Guest  

 
Search: 
Search By: SubjectAbstractAuthorTitleFull-Text

 

Showing 1 through 5 of 398 records.
Pages: Previous - 1 2 3 4 5 6 7 8 9 10 11 12 13 ... 80 - Next  Jump:
2013 - LRA 63rd Annual Conference Pages: unavailable || Words: 2276 words || 
Info
1. Newton, Joanna. "The Vocabulary Gap: A Review of the Research on Socio-economic Status and Vocabulary Development" Paper presented at the annual meeting of the LRA 63rd Annual Conference, Omni Dallas Hotel, Dallas, Texas, Dec 04, 2013 Online <PDF>. 2019-08-17 <http://citation.allacademic.com/meta/p662483_index.html>
Publication Type: Roundtable
Review Method: Peer Reviewed

2014 - AAAL Annual Conference Words: 50 words || 
Info
2. Masrai, Ahmed. "Effects of L1 Vocabulary Size and Lexical Organization on L2 Vocabulary Learning" Paper presented at the annual meeting of the AAAL Annual Conference, Portland Marriott Downtown Waterfront, Portland, OR, Mar 22, 2014 <Not Available>. 2019-08-17 <http://citation.allacademic.com/meta/p698995_index.html>
Publication Type: Poster
Review Method: Peer Reviewed
Abstract: This study found that there is a link between L1 vocabulary size and L2 vocabulary learning and that L1 lexical organization contributes to learners’ ability to build up a sizeable L2 lexicon. It also suggests that learners experience difficulties in acquiring L2 vocabulary when structured differently from the L1 lexicon.

2014 - AAAL Annual Conference Words: 49 words || 
Info
3. Ramírez Gómez, Danya. "Vocabulary Consolidation Strategies in Senior Learners: a Descriptive Study that Challenges Some of the Current Views on Vocabulary Learning" Paper presented at the annual meeting of the AAAL Annual Conference, Portland Marriott Downtown Waterfront, Portland, OR, Mar 22, 2014 <Not Available>. 2019-08-17 <http://citation.allacademic.com/meta/p698352_index.html>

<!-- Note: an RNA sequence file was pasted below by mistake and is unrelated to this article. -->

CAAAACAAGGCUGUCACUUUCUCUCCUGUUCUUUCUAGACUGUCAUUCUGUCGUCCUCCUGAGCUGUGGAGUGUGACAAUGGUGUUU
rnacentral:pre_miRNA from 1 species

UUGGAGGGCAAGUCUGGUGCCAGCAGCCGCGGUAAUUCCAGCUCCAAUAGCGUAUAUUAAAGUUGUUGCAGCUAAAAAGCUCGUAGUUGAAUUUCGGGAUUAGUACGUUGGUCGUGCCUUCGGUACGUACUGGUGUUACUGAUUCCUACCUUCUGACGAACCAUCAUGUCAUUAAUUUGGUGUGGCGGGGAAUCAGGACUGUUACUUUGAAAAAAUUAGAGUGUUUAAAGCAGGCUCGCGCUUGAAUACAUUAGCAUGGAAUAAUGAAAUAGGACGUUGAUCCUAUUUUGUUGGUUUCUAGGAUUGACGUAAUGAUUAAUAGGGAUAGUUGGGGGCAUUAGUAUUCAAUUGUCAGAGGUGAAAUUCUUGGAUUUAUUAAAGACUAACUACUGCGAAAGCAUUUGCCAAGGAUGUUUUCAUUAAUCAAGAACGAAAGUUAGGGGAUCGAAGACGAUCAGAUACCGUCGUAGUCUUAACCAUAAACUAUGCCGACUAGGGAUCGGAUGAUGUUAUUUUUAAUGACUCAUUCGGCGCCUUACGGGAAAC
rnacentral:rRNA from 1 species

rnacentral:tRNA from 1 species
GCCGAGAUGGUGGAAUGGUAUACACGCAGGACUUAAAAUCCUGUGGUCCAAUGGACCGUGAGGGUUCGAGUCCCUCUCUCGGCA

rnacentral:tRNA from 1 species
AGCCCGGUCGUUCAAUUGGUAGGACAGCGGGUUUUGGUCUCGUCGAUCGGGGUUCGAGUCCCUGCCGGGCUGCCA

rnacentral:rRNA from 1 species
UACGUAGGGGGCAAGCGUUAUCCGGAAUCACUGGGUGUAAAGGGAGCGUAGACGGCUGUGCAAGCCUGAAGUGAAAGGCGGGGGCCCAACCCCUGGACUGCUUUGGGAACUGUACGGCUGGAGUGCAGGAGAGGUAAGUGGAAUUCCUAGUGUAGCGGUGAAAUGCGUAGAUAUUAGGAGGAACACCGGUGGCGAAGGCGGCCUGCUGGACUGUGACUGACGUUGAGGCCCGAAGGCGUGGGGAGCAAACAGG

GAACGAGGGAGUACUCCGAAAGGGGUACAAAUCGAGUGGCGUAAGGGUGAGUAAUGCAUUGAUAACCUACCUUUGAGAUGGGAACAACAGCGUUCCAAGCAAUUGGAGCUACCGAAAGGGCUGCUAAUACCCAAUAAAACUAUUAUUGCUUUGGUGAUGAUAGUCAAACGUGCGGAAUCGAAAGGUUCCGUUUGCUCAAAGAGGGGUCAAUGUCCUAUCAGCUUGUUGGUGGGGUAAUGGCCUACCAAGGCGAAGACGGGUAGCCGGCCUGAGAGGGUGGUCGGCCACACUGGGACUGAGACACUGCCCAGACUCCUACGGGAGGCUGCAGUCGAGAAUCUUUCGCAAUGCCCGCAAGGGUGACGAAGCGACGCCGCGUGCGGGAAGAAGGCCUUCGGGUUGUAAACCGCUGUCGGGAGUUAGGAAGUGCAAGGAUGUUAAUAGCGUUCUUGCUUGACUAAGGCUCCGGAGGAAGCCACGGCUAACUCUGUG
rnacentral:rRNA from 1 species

Publication Type: Poster
Review Method: Peer Reviewed
Abstract: This pioneer study about senior learners’ vocabulary consolidation strategies challenges traditional assumptions, and questions the use of certain research techniques. Through three experimental tasks, this study shows that a selective use of vocabulary consolidation strategies correlates with higher recall, but that learners are confused with regards to their own strategies. 

2014 - AAAL Annual Conference Words: 41 words || 
Info
4. Lai, Ying-Chun. "The Role of Vocabulary Learning Strategies in Vocabulary Retention" Paper presented at the annual meeting of the AAAL Annual Conference, Portland Marriott Downtown Waterfront, Portland, OR, Mar 22, 2014 <Not Available>. 2019-08-17 <http://citation.allacademic.com/meta/p699201_index.html>
Publication Type: Poster
Review Method: Peer Reviewed
Abstract: This study investigated the vocabulary consolidation strategies that Taiwanese EFL learners employ to learn new English vocabulary words. It provides important information regarding useful consolidation strategies for learning new words, which in turn can lead to more effective vocabulary strategy instruction.

2015 - SRCD Biennial Meeting Pages: unavailable || Words: unavailable || 
Info
5. Watson, Linda., Woynaroski, Tiffany. and Yoder, Paul. "Productive Spoken Vocabulary Drives Vocabulary Comprehension in Minimally-Verbal Children with Autism" Paper presented at the annual meeting of the SRCD Biennial Meeting, Pennsylvania Convention Center and the Philadelphia Marriott Downtown Hotel, Philadelphia, PA, Mar 19, 2015 <Not Available>. 2019-08-17 <http://citation.allacademic.com/meta/p952778_index.html>
Publication Type: Individual Poster
Review Method: Peer Reviewed